On the mat :: Tale of transformation

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May 10, 2010
By: Sarah McKenzie
Sarah McKenzie
Jennifer Gray, the owner of the Yoga Center of Minneapolis, is no stranger to adversity. Before she fell in love with yoga, she was overweight and battled a host of health problems.

On the suggestion of her doctor, she turned to yoga and felt transformed within six months. Then she decided to open her own yoga studio. That was 10 years ago. Now, the mother of three has two studios — one in St. Louis Park and another in the Warehouse District.

Gray recently spoke at a conference in Las Vegas for executive business women about the benefits of yoga. She led a one-hour class for the 250 women in attendance, too.

She’s eager to share the transformative power of yoga with others in the community.

The center’s special month-long Yoga for Transformation program is underway. It includes tips on building a practice designed to create lasting lifestyle changes and workshops on nutrition and meditation, among other things.

“Its goal is to help people make lasting changes both on and off the mat,” Gray said. “Through asana, breath work and specific workshops, we tackle helping people to get rid of that which holds them back and help them manifest their intentions and goals.”

Here are highlights of a recent interview with Gray:



What drew you to yoga?

Twelve years ago I was in a pretty bad place. Two months after having my son, I found out that I had a cancerous tumor growing over my spine. They removed it while I was awake. It was a surgery that lasted from 9 in the morning to 6 at night. Then I was placed on bed rest for the rest of the summer.

… When I was finally lifted from bed rest and cancer-free, I was 200 pounds and atrophied. I couldn’t do anything. I couldn’t go to the grocery store. So I’d sit in a chair and take care of my kids. I went back to a different doctor and said, ‘I’m pretty sure I’m dying.’ I had sinus infections and stomach issues — I was a ball of mess.

[The doctor] said I was suffering from a pretty severe anxiety disorder. One of the things you need to do is go to yoga class. … I went to a yoga class expecting to lay on the floor and say ‘om.’ I went in with my big white T-shirt and my black leggings, and I’m sitting in this mirror-filled room going ‘oh my god, oh my god.’ Then I realized that I could not do one thing that they did in class. It was an Ashtanga class. They never laid down to say ‘om.’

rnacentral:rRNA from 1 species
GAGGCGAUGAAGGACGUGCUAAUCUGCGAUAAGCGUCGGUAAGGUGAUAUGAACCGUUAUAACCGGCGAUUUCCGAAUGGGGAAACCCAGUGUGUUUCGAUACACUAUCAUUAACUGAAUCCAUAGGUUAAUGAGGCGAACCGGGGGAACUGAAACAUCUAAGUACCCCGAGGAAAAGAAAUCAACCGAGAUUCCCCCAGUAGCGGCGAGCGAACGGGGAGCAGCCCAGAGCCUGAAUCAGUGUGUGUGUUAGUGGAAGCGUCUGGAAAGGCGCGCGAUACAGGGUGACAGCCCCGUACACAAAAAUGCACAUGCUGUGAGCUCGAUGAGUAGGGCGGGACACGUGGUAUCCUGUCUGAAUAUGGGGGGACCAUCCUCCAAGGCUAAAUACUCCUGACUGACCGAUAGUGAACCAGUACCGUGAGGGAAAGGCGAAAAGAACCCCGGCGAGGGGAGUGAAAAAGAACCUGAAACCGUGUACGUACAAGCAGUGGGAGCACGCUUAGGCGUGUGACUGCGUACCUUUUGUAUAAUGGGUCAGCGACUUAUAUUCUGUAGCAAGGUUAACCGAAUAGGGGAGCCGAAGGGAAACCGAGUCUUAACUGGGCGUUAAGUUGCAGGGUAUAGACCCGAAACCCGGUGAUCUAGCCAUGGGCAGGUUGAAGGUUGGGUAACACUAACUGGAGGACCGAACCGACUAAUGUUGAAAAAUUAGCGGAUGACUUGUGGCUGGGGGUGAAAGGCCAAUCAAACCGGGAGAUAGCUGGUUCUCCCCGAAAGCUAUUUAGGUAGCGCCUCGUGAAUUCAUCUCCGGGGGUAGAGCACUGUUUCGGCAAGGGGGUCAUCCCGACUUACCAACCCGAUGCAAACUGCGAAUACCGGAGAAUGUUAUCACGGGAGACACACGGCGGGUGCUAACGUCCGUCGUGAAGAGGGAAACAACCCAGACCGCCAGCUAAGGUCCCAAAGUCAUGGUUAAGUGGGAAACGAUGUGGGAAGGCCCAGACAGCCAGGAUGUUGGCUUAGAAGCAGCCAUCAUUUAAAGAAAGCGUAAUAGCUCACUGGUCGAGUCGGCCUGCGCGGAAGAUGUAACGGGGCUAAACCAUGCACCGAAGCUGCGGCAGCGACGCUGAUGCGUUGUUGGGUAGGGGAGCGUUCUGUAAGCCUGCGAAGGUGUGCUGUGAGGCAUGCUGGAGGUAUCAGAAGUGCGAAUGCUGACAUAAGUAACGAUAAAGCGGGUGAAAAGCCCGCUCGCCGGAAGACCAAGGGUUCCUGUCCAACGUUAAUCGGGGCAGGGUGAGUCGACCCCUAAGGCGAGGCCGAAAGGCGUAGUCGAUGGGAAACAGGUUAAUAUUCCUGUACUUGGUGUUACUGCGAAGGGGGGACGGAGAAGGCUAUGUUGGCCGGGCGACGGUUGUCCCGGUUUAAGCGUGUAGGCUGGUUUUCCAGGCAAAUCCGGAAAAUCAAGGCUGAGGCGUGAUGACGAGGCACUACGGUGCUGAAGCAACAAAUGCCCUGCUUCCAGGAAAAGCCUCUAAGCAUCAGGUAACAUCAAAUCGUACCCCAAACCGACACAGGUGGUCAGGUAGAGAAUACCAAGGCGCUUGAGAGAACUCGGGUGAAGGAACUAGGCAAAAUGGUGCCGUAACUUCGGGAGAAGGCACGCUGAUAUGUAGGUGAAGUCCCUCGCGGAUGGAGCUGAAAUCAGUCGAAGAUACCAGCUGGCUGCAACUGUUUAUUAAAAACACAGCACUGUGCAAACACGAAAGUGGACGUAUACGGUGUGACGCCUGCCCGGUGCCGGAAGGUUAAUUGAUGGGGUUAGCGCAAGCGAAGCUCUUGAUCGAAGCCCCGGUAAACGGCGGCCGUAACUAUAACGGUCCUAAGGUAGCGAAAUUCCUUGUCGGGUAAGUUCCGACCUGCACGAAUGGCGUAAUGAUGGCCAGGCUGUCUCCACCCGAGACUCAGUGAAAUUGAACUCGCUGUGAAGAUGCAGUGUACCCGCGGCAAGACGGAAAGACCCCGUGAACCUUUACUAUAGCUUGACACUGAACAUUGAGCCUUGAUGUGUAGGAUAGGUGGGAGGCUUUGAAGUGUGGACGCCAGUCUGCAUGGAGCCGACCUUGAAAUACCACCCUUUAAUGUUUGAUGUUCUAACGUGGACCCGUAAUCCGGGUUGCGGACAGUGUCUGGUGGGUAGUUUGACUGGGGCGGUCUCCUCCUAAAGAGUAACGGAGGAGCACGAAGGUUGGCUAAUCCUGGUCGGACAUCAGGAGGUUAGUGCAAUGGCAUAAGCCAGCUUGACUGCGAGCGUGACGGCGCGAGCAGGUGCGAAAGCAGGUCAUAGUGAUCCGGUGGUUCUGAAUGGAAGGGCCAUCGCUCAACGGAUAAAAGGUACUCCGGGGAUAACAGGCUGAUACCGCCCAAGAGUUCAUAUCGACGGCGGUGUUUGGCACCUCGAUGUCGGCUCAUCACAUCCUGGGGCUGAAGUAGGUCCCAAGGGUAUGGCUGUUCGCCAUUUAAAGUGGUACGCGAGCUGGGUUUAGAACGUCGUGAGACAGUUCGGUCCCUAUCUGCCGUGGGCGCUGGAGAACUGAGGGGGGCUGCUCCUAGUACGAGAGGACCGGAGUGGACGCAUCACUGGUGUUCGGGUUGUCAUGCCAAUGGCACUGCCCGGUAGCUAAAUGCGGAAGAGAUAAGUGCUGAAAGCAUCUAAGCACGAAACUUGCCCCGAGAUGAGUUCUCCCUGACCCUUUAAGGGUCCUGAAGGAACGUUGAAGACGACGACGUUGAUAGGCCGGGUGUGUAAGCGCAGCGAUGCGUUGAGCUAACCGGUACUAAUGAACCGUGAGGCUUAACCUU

So I went home and I don’t know why, but I went back. I went back and tried one thing and then I went back again. Six months later, 55 pounds [lighter], 36 inches [gone], anxiety free — I was a new person.

After I had this huge transformation and realized not only was I physically a different person, but mentally I was anxiety free, but also I responded differently to the world. I wasn’t as sensitive or reactive.



What’s your take on the yoga community?

I think there are many different types of yoga. I think you have to be careful today in the world of yoga because there is no government regulation of how to teach. There could be a teacher who has gone through a program for six weeks and a teacher who has gone through a program for a year. How do you compare those people?

I love that there are so many different kinds of yoga out there. Everybody has to have a starting place.

We really  focus on providing quality. You will never find a class of 80 here — you will never find a class of 40 here.



What’s your take on hot yoga?


Yoga is not about going into a hot room. It was never written anywhere about yoga. However, yoga is about igniting an internal fire — a fire that is within you and building your own body heat. That is part of the detoxification process.



What’s your long-term vision for the Yoga Center of Minneapolis?

The Yoga Center is now in the middle of starting a nonprofit foundation so we can have a nonprofit arm. We provide yoga to people who are in life-threatening situations who wouldn’t otherwise be able to afford it. Right now we working with people with AIDS and cancer, in particular, but we will work with anybody. We provide free classes for them through a donation class that we run. We want to start a foundation with a board that provides all kinds of fundraising opportunities so we can really provide for the greater community some of these benefits.

“On the mat” is an occasional column in the Journal exploring the city’s yoga community.



FYI
Yoga Center of Minneapolis
Downtown studio: 212 3rd Ave. N, suite 205
St. Louis Park studio: 4200 Minnetonka Blvd.
Web: yogacentermpls.com